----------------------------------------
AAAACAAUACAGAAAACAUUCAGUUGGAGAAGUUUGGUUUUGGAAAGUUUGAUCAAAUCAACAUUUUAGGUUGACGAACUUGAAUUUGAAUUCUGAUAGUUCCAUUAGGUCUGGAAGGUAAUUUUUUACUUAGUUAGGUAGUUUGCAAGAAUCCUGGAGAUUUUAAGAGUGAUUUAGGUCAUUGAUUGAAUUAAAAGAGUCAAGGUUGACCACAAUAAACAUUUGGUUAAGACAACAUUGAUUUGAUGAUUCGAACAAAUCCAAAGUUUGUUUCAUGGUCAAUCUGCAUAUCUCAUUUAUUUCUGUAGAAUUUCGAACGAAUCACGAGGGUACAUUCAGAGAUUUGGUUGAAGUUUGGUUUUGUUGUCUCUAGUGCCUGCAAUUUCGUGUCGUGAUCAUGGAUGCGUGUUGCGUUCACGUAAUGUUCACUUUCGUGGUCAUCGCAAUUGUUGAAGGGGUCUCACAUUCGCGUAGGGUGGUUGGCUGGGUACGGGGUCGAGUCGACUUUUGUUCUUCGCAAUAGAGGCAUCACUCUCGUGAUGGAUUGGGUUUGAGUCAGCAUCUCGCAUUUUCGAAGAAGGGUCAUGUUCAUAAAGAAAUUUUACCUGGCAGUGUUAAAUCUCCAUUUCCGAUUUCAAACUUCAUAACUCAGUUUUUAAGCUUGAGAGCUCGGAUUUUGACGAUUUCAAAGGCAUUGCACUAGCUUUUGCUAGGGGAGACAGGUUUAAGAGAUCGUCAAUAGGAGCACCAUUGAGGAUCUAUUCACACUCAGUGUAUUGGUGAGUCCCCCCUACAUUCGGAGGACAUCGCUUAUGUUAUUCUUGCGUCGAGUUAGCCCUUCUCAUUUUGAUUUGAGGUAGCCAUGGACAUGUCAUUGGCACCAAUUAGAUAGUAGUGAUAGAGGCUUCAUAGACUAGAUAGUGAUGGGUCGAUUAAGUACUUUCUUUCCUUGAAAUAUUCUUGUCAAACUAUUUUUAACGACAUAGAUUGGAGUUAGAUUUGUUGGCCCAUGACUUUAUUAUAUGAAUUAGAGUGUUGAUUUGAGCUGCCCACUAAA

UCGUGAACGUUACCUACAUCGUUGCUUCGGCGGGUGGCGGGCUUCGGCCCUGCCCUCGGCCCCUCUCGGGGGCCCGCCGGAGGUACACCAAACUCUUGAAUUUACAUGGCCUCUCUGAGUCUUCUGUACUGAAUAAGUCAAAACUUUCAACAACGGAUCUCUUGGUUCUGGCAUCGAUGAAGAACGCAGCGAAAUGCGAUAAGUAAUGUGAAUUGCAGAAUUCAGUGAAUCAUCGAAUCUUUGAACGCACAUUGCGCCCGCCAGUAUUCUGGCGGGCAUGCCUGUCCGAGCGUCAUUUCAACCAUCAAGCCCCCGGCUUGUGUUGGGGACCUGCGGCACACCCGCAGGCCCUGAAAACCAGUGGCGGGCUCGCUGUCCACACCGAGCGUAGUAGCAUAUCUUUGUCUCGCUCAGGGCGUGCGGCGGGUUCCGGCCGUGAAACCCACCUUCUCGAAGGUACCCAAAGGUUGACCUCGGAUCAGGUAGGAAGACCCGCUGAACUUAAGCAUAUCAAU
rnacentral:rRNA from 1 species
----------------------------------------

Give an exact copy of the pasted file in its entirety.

AAAACAAUACAGAAAACAUUCAGUUGGAGAAGUUUGGUUUUGGAAAGUUUGAUCAAAUCAACAUUUUAGGUUGACGAACUUGAAUUUGAAUUCUGAUAGUUCCAUUAGGUCUGGAAGGUAAUUUUUUACUUAGUUAGGUAGUUUGCAAGAAUCCUGGAGAUUUUAAGAGUGAUUUAGGUCAUUGAUUGAAUUAAAAGAGUCAAGGUUGACCACAAUAAACAUUUGGUUAAGACAACAUUGAUUUGAUGAUUCGAACAAAUCCAAAGUUUGUUUCAUGGUCAAUCUGCAUAUCUCAUUUAUUUCUGUAGAAUUUCGAACGAAUCACGAGGGUACAUUCAGAGAUUUGGUUGAAGUUUGGUUUUGUUGUCUCUAGUGCCUGCAAUUUCGUGUCGUGAUCAUGGAUGCGUGUUGCGUUCACGUAAUGUUCACUUUCGUGGUCAUCGCAAUUGUUGAAGGGGUCUCACAUUCGCGUAGGGUGGUUGGCUGGGUACGGGGUCGAGUCGACUUUUGUUCUUCGCAAUAGAGGCAUCACUCUCGUGAUGGAUUGGGUUUGAGUCAGCAUCUCGCAUUUUCGAAGAAGGGUCAUGUUCAUAAAGAAAUUUUACCUGGCAGUGUUAAAUCUCCAUUUCCGAUUUCAAACUUCAUAACUCAGUUUUUAAGCUUGAGAGCUCGGAUUUUGACGAUUUCAAAGGCAUUGCACUAGCUUUUGCUAGGGGAGACAGGUUUAAGAGAUCGUCAAUAGGAGCACCAUUGAGGAUCUAUUCACACUCAGUGUAUUGGUGAGUCCCCCCUACAUUCGGAGGACAUCGCUUAUGUUAUUCUUGCGUCGAGUUAGCCCUUCUCAUUUUGAUUUGAGGUAGCCAUGGACAUGUCAUUGGCACCAAUUAGAUAGUAGUGAUAGAGGCUUCAUAGACUAGAUAGUGAUGGGUCGAUUAAGUACUUUCUUUCCUUGAAAUAUUCUUGUCAAACUAUUUUUAACGACAUAGAUUGGAGUUAGAUUUGUUGGCCCAUGACUUUAUUAUAUGAAUUAGAGUGUUGAUUUGAGCUGCCCACUAAA

UCGUGAACGUUACCUACAUCGUUGCUUCGGCGGGUGGCGGGCUUCGGCCCUGCCCUCGGCCCCUCUCGGGGGCCCGCCGGAGGUACACCAAACUCUUGAAUUUACAUGGCCUCUCUGAGUCUUCUGUACUGAAUAAGUCAAAACUUUCAACAACGGAUCUCUUGGUUCUGGCAUCGAUGAAGAACGCAGCGAAAUGCGAUAAGUAAUGUGAAUUGCAGAAUUCAGUGAAUCAUCGAAUCUUUGAACGCACAUUGCGCCCGCCAGUAUUCUGGCGGGCAUGCCUGUCCGAGCGUCAUUUCAACCAUCAAGCCCCCGGCUUGUGUUGGGGACCUGCGGCACACCCGCAGGCCCUGAAAACCAGUGGCGGGCUCGCUGUCCACACCGAGCGUAGUAGCAUAUCUUUGUCUCGCUCAGGGCGUGCGGCGGGUUCCGGCCGUGAAACCCACCUUCUCGAAGGUACCCAAAGGUUGACCUCGGAUCAGGUAGGAAGACCCGCUGAACUUAAGCAUAUCAAU
rnacentral:rRNA from 1 species